Over the coming 3000 years new ice age is more probable than global warming, but a few gloom and doom types predict the global warming of this century will trigger the new ice age perhaps as soon as 2012.
All the solutions to carbon dioxide emissions are incredibly costly, except I believe we could capture some carbon dioxide that is escaping from deep in the Earth and pump it into old mines and deep natural caverns to be released into the atmosphere if we get new ice age instead of, or shortly after global warming. Do not sign the Kyoto treaty/accord. Neil
0 Replies
 
neil
 
  1  
Reply Sat 19 Jun, 2004 08:18 pm
Hi cicerone: I agree: What happened more than ten million years ago is of little help in predicting the next decade or two. The change in Earth's temperature near the Equator, in Antarctica and Greenland, the past ten million years is likely very little. The entire North temperate zone likely averaged 18 degrees f = 10 degrees c colder during the depth of the several ice ages. Little if any of Earth has been 5 degrees c = 9 degrees f warmer than 2004 at any time in the past ten million years. Those numbers likely hold for highs and lows by the century, year or day. I'm not sure that proves much regarding what may happen before 2012 nor before 2099.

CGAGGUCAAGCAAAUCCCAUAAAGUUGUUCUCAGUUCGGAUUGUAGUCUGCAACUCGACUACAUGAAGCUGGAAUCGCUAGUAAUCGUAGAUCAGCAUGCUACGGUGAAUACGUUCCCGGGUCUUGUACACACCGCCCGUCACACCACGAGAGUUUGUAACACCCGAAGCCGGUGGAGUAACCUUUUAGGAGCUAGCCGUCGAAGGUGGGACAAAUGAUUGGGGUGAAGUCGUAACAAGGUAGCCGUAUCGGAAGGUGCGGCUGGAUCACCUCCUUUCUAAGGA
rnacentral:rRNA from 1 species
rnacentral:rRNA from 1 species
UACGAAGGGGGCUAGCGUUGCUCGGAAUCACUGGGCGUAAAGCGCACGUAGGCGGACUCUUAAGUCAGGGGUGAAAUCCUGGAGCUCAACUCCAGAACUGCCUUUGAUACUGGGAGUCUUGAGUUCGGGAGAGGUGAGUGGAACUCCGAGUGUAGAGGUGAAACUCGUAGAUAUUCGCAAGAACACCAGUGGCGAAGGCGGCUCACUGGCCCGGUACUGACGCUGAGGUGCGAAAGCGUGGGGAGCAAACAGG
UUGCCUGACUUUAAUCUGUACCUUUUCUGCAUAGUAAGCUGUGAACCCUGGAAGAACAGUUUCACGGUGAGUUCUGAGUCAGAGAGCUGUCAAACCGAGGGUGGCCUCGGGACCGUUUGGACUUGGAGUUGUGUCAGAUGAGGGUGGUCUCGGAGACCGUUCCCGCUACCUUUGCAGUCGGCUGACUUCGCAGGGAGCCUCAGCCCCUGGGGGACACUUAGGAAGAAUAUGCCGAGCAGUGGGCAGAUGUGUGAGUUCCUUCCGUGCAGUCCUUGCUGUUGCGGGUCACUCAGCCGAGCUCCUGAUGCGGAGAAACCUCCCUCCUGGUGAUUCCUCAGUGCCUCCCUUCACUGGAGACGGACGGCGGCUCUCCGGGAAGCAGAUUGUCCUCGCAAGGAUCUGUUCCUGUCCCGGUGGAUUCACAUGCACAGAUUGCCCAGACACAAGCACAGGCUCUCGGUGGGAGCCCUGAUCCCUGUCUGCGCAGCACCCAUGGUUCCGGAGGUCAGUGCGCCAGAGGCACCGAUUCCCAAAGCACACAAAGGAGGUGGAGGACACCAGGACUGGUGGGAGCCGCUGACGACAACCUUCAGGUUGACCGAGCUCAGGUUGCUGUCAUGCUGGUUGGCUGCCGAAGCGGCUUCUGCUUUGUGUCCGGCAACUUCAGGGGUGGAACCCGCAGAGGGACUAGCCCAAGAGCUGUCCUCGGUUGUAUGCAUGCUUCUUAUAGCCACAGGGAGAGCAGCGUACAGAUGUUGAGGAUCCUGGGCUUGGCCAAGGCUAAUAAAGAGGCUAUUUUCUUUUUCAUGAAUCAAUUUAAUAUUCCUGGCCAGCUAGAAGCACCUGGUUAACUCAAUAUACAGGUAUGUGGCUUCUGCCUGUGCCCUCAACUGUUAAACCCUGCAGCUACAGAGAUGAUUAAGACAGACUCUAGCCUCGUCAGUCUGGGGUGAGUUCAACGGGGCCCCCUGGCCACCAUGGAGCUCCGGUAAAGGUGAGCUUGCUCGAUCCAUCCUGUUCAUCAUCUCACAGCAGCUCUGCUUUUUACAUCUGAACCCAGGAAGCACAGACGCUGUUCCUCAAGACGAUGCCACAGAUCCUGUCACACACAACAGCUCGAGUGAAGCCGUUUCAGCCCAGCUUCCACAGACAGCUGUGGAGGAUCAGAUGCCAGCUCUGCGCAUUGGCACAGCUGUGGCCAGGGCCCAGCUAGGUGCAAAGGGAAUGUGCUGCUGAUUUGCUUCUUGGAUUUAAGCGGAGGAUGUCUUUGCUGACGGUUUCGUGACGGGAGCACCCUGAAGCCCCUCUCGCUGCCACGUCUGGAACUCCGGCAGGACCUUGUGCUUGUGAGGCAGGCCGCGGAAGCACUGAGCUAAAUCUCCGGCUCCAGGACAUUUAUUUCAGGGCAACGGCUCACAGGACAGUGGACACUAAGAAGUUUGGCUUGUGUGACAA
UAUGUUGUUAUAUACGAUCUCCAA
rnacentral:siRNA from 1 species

We are already into diminishing returns regarding conservation, but conservation may offset the population increase of the next few decades. Conservation can not reverse carbon dioxide emissions significantly even at incredible cost IMHO.